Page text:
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Facebook Inc. recently filed more than 10 applications with the USPTO a few months ago to register its “Like” button and the word LIKE.
The applications have all been denied initially due to conflicts or potential conflicts. Following a “letter of protest” filed by TiVo, the button has been refused registration. (TiVo owns registrations for use of the ‘thumbs up‘ and ‘thumbs down‘ symbols.)
In addition, applications filed earlier for ILIKE which cover, among other things “Internet based introduction and social networking services” and and an application and registration for LIKE, owned by Like.com, block many of the Facebook applications.
Has Facebook overreached in this attempt? I certainly support protecting a wide variety and extensive amount of intellectual property to add value and stop others from infringing it. But even if Facebook were somehow able to obtain a trademark registration for LIKE or the Like button, it would – in my opinion – be virtually impossible to enforce. LIKE is common word, likely used by many websites (and many people) to note something with approval. And ‘thumbs up’ is also very common way to express one’s approval of something. The Facebook “LIKE” effort smells a little like Subway’s footlong trademark efforts!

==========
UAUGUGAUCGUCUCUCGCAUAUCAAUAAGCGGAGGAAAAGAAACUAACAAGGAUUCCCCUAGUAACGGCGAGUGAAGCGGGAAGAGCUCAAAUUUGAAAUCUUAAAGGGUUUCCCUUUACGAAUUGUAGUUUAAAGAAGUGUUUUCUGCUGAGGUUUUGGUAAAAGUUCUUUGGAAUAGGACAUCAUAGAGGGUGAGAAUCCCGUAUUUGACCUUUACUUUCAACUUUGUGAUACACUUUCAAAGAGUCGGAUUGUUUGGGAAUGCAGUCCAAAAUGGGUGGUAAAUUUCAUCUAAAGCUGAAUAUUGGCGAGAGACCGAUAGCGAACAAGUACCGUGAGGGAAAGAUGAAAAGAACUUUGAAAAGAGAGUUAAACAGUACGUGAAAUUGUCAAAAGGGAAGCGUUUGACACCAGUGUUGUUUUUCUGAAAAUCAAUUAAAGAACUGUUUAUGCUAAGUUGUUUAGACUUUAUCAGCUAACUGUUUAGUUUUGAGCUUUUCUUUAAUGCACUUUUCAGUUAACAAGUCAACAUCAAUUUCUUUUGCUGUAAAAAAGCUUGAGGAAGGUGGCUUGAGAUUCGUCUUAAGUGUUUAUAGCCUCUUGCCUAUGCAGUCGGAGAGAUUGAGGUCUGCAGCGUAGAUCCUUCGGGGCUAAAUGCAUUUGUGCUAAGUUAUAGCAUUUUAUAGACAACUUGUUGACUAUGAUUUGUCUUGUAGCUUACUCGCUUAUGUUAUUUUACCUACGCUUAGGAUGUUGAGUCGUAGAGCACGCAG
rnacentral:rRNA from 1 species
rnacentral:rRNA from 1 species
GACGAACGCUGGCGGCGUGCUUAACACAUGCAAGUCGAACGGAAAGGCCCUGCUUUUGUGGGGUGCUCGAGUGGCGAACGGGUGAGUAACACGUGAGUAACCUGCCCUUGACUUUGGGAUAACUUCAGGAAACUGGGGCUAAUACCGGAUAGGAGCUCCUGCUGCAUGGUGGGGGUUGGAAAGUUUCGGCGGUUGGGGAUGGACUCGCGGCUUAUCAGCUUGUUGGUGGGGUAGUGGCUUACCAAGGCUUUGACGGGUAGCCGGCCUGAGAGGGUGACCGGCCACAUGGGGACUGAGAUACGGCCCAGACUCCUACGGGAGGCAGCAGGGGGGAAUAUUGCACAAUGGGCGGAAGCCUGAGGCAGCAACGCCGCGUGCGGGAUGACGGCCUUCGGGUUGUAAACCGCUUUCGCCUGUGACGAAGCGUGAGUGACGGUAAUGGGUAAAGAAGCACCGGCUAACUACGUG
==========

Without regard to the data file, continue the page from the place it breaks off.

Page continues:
If LIKE is not generic, does it function as a trademark to identify the source of the services? My instinct is that it actually does function – that the combination of the button, the image, the color and the text create enough of a mark that when users see it on a website, if they are familiar with Facebook, know what clicking the button will do, namely lead to a connection with Facebook software to tell others that they recommend the page or post. If the LIKE button is not generic, perhaps is has acquired distinctiveness as a mark? If it is approved by the USPTO, perhaps competitors will oppose it in order to ensure that they will be permitted to use the word “like” when allowing users to make referrals.
Adding interest to the efforts to protect LIKE is the fact that Google last week acquired Like.com. See news story here, which ironically has a Facebook “Like” button on it. Or see another story on it featuring PCWorld.com’s thumbs up and down buttons.
Bottom line: I think in the end Facebook likely could register the LIKE button design upon showing acquired distinctiveness – only if it first overcomes the confusion issues, perhaps with a consent agreement. But the word LIKE itself I think is generic and/or fails to function as a trademark. And any registration received for the word LIKE or the button will be very difficult to enforce, and may be opposed by competitors trying to make sure Facebook cannot try to muffle their use of the word “LIKE” or the ‘thumbs up’ symbol.
Here are Facebook’s LIKE trademark applications (click for link to USPTO.gov data):